Risk Management - Management of the varied risks to which a business firm or association might be subject. It includes analyzing all exposures to gauge the likelihood of loss and choosing options to better manage or minimize loss. These options typically include reducing and eliminating the risk with safety measures, buying insurance, and self-insurance.
Salvage - Damaged property an insurer takes over to reduce its loss after paying a claim. Insurers receive salvage rights over property on which they have paid claims, such as badly-damaged cars. Insurers that paid claims on cargoes lost at sea now have the right to recover sunken treasures. Salvage charges are the costs associated with recovering that property.
Schedule - A list of individual items or groups of items that are covered under one policy or a listing of specific benefits, charges, credits, assets or other defined items.
Severity - Size of a loss. One of the criteria used in calculating premiums rates.
Sewer Back-Up Coverage - An optional part of homeowners insurance that covers sewers.
Subrogation - The legal process by which an insurance company, after paying a loss, seeks to recover the amount of the loss from another party who is legally liable for it.
Surety Bond - A contract guaranteeing the performance of a specific obligation. Simply put, it is a three-party agreement under which one party, the surety company, answers to a second party, the owner, creditor or “obligee,” for a third party’s debts, default or nonperformance. Contractors are often required to purchase surety bonds if they are working on public projects. The surety company becomes responsible for carrying out the work or paying for the loss up to the bond “penalty” if the contractor fails to perform.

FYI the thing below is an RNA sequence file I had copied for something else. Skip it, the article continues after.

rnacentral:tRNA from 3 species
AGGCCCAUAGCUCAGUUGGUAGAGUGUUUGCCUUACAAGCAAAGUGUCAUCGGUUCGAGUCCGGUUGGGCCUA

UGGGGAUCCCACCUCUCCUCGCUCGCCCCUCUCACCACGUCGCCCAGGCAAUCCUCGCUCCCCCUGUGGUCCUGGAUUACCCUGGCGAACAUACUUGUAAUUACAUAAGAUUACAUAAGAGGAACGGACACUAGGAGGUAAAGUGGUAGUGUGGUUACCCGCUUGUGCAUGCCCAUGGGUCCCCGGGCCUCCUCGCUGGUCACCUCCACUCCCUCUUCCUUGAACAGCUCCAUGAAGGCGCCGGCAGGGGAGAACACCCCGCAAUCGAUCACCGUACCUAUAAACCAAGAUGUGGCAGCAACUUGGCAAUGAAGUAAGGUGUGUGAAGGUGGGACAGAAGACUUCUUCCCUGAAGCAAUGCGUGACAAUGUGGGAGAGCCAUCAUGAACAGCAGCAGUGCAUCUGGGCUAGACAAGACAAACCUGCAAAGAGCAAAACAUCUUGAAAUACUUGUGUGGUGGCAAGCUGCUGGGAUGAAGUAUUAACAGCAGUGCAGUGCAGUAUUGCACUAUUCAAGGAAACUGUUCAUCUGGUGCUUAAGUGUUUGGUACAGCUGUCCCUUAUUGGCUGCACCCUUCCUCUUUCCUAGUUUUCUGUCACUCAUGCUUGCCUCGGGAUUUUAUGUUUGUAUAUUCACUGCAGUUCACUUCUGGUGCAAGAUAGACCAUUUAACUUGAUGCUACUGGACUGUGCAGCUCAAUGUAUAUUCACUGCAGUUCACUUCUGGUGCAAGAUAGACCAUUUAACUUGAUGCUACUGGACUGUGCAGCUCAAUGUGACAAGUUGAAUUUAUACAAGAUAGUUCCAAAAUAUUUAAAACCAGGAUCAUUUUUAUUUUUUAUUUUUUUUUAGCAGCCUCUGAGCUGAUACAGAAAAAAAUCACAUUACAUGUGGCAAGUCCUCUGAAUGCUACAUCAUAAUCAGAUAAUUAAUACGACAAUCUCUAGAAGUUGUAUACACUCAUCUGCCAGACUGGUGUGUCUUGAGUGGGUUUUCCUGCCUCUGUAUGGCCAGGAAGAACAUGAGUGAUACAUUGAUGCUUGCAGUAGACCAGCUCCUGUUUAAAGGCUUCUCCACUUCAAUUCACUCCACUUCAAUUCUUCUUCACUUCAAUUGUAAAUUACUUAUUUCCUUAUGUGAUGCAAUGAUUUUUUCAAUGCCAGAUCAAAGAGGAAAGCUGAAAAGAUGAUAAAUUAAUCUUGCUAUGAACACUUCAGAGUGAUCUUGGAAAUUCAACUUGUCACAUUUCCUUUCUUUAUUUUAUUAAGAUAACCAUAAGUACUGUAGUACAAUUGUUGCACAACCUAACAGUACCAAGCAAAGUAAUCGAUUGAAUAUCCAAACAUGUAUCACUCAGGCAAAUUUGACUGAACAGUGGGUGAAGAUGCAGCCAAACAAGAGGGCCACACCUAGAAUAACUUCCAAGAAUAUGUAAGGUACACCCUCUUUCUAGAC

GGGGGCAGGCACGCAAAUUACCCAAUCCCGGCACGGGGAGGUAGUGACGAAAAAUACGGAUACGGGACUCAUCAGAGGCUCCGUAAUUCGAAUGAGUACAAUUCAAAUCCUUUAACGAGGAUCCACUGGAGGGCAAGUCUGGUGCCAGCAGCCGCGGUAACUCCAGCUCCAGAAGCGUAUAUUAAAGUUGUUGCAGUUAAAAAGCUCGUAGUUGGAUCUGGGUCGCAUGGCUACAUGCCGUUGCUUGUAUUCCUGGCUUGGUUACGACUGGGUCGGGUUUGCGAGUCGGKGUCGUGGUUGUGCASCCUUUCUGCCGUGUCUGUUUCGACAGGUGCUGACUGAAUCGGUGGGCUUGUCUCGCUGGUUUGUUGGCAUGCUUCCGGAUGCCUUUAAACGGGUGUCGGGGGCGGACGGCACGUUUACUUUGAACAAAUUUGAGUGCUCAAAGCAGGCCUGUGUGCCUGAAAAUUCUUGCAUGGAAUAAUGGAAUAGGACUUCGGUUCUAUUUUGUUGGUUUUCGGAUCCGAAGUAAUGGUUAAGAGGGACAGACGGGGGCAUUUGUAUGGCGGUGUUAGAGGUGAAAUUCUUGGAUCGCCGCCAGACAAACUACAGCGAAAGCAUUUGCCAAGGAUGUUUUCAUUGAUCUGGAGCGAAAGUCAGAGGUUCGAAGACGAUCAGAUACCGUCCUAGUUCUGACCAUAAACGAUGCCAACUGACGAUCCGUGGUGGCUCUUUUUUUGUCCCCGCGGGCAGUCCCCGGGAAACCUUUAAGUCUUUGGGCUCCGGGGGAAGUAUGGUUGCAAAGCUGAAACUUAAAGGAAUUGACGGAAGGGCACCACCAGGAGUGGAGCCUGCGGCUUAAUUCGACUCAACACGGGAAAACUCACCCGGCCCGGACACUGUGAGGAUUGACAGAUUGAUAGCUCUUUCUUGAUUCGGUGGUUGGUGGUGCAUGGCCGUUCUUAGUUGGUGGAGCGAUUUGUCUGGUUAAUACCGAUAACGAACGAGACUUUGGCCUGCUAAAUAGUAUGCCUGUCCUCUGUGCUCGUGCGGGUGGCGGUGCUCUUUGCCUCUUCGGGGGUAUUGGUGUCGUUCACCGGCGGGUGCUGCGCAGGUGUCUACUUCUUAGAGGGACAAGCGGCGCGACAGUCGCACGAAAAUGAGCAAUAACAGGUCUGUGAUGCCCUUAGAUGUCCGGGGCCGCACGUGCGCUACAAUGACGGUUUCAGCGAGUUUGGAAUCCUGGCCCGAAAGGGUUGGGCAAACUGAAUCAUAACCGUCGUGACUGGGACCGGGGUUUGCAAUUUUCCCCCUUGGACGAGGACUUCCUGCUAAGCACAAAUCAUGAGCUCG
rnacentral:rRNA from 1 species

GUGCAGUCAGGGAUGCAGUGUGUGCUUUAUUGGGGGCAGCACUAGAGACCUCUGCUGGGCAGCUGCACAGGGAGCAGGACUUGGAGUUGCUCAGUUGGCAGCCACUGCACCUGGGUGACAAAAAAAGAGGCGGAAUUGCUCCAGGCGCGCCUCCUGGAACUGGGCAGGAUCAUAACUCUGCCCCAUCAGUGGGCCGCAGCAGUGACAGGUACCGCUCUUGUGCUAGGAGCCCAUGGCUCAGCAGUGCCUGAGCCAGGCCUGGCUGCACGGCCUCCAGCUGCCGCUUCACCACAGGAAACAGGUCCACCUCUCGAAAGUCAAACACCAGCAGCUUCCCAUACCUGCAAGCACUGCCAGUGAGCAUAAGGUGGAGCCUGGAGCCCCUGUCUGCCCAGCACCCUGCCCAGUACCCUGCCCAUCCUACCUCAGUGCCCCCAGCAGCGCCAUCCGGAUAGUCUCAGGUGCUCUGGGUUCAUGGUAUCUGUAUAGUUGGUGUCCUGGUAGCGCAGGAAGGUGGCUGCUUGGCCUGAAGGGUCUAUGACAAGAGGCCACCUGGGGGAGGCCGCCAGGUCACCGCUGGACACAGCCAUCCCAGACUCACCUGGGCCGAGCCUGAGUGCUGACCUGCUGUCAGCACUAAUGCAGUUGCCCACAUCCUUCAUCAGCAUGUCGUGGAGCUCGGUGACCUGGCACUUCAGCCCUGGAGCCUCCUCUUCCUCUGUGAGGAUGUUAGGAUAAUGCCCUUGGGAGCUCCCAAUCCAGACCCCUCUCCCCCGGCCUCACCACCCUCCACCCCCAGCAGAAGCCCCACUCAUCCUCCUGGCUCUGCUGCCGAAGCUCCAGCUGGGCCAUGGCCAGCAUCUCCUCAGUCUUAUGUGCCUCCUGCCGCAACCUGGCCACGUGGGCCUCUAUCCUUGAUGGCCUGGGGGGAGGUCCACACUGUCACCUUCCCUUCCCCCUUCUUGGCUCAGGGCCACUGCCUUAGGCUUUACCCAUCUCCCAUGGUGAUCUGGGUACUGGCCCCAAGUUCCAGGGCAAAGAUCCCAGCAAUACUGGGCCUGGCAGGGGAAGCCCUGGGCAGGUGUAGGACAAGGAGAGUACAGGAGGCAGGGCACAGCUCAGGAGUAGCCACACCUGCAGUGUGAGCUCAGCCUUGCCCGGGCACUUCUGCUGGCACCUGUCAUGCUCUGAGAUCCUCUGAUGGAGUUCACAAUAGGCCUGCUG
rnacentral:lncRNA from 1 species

Surplus - The remainder after an insurer’s liabilities are subtracted from its assets. The financial cushion that protects policyholders in case of unexpectedly high claims.
Surplus Lines - Property/casualty insurance coverage that isn’t available from insurers licensed in the state, called admitted companies, and must be purchased from a non-admitted carrier. Examples include risks of an unusual nature that require greater flexibility in policy terms and conditions than exist in standard forms or where the highest rates allowed by state regulators are considered inadequate by admitted companies. Laws governing surplus lines vary by state.